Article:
• Peter McAllister

Mining space – why bother?

The answers may come from what is out there and what we plan to do with it.

What is out there is easy – everything and in abundance. Humans have said that before about forests, oil and even whales, so we have to temper our views with that in mind, but from our current point of view that is a start.

Couple of examples – the asteroid 16 Psyche is said to contain enough gold and precious metals to give everyone on earth $93 billion. NASA announced they are building a probe to go there.

NASA’s recent analysis of the moon has shown metal oxides on the surface but might higher levels in craters where meteorite impacts have excavated the surface . Gravity measurements (also used by mining exploration companies on earth) have found anomalies 10’s and 100’s of kilometres deep around the South Pole, suggesting there is a lot out there.

So it is probably around - just waiting for us to find it.

The second thing to consider is what will we do with it? There is probably not much point bringing the gold from 16 Psyche back to earth. The value of gold is underpinned by its scarcity, so unless you plan to drip feed it onto the market as rare space gold over the next billion or so years, you will just turn it into another commodity metal for the manufacture of electronics and paperweights.

But there is other stuff like iron, aluminium, copper, water and the rare earths – the things that we will need as building materials as we colonise near earth space and the solar system. If we can find them up there, we can eliminate the wasteful process of escaping earth’s gravity, and increase our rate of expansion into the stars.

So it is out there, and we can either use it is space or if we are careful, return it to earth. Any foreseeable problems?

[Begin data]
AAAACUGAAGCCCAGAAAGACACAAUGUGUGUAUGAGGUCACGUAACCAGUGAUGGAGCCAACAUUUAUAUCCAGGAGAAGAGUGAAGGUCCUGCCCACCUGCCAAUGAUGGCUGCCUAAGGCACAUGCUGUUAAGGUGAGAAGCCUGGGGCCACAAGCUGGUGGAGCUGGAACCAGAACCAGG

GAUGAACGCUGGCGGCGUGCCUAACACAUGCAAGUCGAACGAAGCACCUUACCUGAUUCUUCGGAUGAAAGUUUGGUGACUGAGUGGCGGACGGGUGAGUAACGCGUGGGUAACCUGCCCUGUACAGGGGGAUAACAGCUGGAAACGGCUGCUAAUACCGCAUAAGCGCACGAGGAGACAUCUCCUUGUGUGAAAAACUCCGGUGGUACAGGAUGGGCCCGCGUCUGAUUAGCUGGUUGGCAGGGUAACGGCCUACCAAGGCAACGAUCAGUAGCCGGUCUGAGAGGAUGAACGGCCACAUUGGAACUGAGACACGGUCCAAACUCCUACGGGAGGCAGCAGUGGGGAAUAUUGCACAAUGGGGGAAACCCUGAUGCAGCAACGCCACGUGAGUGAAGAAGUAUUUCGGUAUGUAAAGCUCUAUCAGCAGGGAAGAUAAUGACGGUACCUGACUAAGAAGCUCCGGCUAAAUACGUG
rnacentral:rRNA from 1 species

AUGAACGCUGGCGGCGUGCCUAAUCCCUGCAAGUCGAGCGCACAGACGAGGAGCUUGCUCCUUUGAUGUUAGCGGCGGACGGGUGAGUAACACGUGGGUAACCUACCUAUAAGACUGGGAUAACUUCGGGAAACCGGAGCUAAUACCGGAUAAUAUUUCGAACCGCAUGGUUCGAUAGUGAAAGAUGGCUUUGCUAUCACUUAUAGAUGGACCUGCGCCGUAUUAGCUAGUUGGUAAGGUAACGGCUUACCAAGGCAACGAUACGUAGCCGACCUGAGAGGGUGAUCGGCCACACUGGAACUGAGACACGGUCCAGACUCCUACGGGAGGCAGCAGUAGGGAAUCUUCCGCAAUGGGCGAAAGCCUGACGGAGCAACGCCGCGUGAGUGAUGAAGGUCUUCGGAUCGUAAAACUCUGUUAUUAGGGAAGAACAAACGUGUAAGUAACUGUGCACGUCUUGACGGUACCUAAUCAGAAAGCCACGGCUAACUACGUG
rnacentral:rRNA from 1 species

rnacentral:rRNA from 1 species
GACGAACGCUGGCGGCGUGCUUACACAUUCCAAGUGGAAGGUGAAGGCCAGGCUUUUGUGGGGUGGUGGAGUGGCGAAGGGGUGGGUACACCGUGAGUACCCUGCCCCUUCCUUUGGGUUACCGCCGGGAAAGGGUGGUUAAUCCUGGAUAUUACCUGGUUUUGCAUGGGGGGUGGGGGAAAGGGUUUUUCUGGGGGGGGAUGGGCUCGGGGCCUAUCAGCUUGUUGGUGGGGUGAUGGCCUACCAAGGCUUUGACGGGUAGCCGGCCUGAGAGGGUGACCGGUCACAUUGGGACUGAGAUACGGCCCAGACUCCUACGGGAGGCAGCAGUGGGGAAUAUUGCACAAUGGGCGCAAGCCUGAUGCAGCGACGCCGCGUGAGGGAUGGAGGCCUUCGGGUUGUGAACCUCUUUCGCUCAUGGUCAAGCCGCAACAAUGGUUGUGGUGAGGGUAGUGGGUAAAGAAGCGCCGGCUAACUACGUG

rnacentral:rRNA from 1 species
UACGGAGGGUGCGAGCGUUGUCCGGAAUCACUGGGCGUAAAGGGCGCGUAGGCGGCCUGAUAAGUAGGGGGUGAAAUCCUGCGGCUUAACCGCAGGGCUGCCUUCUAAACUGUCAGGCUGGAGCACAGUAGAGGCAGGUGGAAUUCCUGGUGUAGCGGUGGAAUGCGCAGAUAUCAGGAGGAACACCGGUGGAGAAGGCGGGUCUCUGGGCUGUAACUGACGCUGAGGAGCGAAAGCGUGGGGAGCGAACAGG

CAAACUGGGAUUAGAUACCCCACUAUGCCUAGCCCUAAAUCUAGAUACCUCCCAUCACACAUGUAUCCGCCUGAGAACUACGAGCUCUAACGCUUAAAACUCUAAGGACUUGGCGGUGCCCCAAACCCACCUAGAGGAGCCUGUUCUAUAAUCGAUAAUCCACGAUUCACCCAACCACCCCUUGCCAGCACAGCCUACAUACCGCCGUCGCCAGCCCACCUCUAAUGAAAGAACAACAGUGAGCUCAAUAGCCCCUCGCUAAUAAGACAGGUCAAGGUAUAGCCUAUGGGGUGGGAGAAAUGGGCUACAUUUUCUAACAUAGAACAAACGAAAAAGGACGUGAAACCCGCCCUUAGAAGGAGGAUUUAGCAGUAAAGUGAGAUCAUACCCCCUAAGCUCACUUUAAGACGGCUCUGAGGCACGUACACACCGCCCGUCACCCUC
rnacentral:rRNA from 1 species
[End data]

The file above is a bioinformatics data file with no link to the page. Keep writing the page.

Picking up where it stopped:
Just a couple – firstly many of our technologies for mining and mineral processing require gravity – from separating crushed ore to the flotation of minerals all require gravity to be one of the forces acting on the ore – so there is a bit of work to do there (nothing the ingenious human can cope with).

And now I have mentioned the ingenious human – that could be another issue. In the past few centuries fortunes have been made and lost in minerals and metals. Arguments over rights have become wars, the concept of who owns what (ie in some countries the Government owns everything 6 feet below you and can move you on).

Who referees space is yet to be worked out? The idea of two or three cashed up companies off world, carving it up for themselves, out of sight (and oversight), taking the money as fast as they can for their own benefit sparks an echo of the human colonisation of the earth over the last 1000 years.

Given we can’t take the human out of humanity, chances are that we will end up repeating our behaviours of the past 10 centuries.

What are our chances of doing something different this time?

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